Fraser Coast suicide prevention a community priority
A NUMBER of organisations and tiers of government have stepped up to the plate in the past week to address high rates of suicide on the Fraser Coast.
The issue has been front-of-mind for community advocacy groups, university academics and the local hospital and heath service after the launch of both an inaugural prevention forum and a 12-month academic study.
This comes after $1.5million of Federal Government funding was announced to establish and maintain a new Headspace satellite centre in Maryborough last week.
More than 20 people attended the first Wide Bay Suicide Prevention and Mental Wellbeing forum held at the Hervey Bay Neighbourhood centre yesterday.
The day was coordinated by Jaie's Journey Inc founder and local advocate Sandra Moran, whose youngest son Jaie Moran took his own life two days after his 22nd birthday.
The event attracted guests and speakers from Sunshine Coast, Bundaberg and Brisbane including help services and those with lived experience.
"We want this to happen every year and get bigger and better," Ms Moran said.
"Although we are discussing some hard topics we are mindful of people's experiences and this is a safe place.
"It is important to raise awareness about suicide and mental health first aid including the different kinds of help services that are available - everyone is different and deals with things differently."
The University of the Sunshine Coast has partnered with the Wide Bay Hospital and Health Service to improve access to help for people at risk of taking their own lives.
Lead researcher, USC lecturer in social work Dr Kate Jonathan said a 12-month study would provide Fraser Coast-specific data and map available suicide prevention services and resources in the region.
"It would also determine links between professionals and organisations to aid timely and appropriate referrals and follow-up treatments," she said.
"When someone is suicidal they are desperate. They need to seek professional help and they should be able to know exactly where they can go to get the right support.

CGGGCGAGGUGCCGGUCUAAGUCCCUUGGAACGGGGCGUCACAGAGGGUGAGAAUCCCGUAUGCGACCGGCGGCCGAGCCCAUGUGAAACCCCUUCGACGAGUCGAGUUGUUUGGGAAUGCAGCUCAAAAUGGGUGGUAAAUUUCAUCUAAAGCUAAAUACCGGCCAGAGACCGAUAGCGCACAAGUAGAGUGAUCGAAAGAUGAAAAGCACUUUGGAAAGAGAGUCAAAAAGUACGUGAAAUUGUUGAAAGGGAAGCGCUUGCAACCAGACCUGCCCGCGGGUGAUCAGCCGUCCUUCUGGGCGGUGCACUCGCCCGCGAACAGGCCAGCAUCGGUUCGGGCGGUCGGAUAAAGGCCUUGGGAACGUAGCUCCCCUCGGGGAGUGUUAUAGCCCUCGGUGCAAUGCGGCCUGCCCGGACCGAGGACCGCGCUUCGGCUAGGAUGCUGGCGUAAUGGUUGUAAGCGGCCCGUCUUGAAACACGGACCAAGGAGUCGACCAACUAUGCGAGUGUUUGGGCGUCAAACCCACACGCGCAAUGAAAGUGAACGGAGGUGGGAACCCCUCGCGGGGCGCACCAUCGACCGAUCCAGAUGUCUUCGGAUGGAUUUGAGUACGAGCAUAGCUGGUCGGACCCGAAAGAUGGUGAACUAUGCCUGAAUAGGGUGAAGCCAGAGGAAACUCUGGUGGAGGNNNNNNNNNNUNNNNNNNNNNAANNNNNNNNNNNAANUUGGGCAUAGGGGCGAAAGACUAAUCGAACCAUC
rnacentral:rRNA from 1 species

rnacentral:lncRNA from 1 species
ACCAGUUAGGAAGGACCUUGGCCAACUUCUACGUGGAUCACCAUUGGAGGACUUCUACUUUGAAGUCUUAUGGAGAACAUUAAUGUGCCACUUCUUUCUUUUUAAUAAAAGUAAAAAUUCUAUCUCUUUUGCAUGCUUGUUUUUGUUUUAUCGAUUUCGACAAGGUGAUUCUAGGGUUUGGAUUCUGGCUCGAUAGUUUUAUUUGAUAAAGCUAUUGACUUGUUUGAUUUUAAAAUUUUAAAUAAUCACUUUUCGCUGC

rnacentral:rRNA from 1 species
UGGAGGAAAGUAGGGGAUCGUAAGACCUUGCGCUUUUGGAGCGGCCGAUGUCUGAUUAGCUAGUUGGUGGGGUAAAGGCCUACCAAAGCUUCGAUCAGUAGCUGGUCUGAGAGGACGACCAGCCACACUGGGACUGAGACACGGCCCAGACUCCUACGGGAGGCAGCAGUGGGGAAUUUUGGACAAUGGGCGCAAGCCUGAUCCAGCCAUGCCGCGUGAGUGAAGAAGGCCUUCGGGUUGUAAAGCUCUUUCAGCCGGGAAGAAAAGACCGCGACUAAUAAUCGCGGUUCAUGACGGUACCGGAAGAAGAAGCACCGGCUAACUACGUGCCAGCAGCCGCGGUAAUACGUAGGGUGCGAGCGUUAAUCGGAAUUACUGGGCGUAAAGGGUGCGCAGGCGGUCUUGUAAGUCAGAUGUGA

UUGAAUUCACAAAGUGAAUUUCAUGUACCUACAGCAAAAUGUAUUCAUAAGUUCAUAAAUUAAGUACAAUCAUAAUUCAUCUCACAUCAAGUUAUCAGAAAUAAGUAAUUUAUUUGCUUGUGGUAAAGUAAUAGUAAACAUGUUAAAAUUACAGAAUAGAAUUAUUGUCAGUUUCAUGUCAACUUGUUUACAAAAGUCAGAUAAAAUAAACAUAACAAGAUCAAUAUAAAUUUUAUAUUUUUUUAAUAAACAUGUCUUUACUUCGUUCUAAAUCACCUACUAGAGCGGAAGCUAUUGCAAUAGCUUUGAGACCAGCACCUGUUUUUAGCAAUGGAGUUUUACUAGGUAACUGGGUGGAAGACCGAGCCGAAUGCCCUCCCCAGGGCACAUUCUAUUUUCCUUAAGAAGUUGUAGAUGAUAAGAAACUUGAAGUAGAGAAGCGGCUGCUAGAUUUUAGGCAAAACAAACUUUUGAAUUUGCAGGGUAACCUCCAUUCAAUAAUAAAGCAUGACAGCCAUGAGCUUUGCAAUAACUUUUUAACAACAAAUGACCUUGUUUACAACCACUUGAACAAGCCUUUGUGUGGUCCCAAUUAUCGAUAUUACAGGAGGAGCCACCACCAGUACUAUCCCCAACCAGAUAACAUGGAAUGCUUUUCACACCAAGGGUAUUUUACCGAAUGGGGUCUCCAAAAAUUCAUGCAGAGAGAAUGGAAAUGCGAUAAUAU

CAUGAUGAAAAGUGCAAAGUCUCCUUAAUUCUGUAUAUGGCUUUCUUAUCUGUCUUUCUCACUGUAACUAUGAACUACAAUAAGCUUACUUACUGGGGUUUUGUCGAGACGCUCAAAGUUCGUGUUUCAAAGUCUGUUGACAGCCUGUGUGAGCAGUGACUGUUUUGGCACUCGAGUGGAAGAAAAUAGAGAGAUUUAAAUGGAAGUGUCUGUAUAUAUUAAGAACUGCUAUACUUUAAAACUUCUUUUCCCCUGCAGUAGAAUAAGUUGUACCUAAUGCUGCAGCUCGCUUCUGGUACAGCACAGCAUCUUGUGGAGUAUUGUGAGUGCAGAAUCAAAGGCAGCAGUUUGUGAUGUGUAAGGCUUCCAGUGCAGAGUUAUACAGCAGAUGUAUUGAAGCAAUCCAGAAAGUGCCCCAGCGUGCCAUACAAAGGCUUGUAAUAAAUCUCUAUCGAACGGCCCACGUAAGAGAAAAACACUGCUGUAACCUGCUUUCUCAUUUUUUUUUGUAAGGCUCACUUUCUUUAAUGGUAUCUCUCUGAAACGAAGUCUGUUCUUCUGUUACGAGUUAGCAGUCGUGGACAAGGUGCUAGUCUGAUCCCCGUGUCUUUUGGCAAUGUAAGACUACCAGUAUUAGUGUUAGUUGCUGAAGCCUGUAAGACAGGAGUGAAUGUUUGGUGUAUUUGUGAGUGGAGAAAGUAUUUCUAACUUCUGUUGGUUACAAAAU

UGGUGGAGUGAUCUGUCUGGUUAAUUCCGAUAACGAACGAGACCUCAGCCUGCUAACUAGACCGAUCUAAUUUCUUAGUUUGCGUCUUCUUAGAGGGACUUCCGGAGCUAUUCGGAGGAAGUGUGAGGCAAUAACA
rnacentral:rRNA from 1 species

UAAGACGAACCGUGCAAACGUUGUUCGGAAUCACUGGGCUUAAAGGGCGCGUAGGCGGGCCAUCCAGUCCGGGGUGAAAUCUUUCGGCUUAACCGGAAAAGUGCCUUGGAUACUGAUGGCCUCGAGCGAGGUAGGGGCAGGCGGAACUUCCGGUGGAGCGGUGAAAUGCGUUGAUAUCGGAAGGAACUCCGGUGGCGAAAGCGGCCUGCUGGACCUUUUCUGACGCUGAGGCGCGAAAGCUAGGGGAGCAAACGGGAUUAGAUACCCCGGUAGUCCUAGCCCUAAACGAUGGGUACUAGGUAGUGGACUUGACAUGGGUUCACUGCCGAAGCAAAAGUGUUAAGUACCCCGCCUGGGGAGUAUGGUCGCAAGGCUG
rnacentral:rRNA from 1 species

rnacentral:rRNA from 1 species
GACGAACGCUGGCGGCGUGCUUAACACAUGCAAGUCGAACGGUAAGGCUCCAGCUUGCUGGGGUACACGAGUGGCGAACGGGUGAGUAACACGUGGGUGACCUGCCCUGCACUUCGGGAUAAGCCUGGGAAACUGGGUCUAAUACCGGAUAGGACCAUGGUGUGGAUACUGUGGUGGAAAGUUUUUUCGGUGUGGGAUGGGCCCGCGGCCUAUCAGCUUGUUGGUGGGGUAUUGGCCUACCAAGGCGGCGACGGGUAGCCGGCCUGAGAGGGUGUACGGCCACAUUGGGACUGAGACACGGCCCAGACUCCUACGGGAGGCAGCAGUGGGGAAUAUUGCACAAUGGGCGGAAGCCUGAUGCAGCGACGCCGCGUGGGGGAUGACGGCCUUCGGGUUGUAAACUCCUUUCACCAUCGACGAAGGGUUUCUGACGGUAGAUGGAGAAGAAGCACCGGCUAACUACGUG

"We are talking life and death here. If someone who is at this point has to go from one agency to another and does not get help or a solution, it can be devastating."
Dr Jonathan was spurred on after she identified suicide rates as a problem for the area and started looking for local data in January 2017.
"I couldn't find data that I feel was reasonable to work with," she said.
"I see this as my contribution to my community, it is an issue and to do anything about it we need accurate data to get a clear picture and help make suicide prevention help simpler and more easily accessible."
Researchers are currently conducting one-on-one interviews and hold focus group sessions with professional services, agencies and organisations involved in suicide prevention, including mental health providers and front-line health services.
Dr Jonathan said the mental health sector, GPs and hospital emergency departments were often the first to become aware when someone was exhibiting suicidal thoughts or behaviours.
"However, because suicide still carries a stigma, those at risk of taking their own lives or self-harming may find it too intimidating or complex to seek help from these more formal sectors," she said.
"If people don't feel that they can share their problems with health professionals, it is paramount that they are aware of other local agencies or services they can go to for help."
The research team also includes the WBHHS's clinical director of addiction medicine, mental health and specialised services Associate Professor Kees Nydam and senior psychologist and UQ Rural Clinical School lecturer Daniel Banos Illan.
If you or someone you know needs help, call Lifeline on 131114.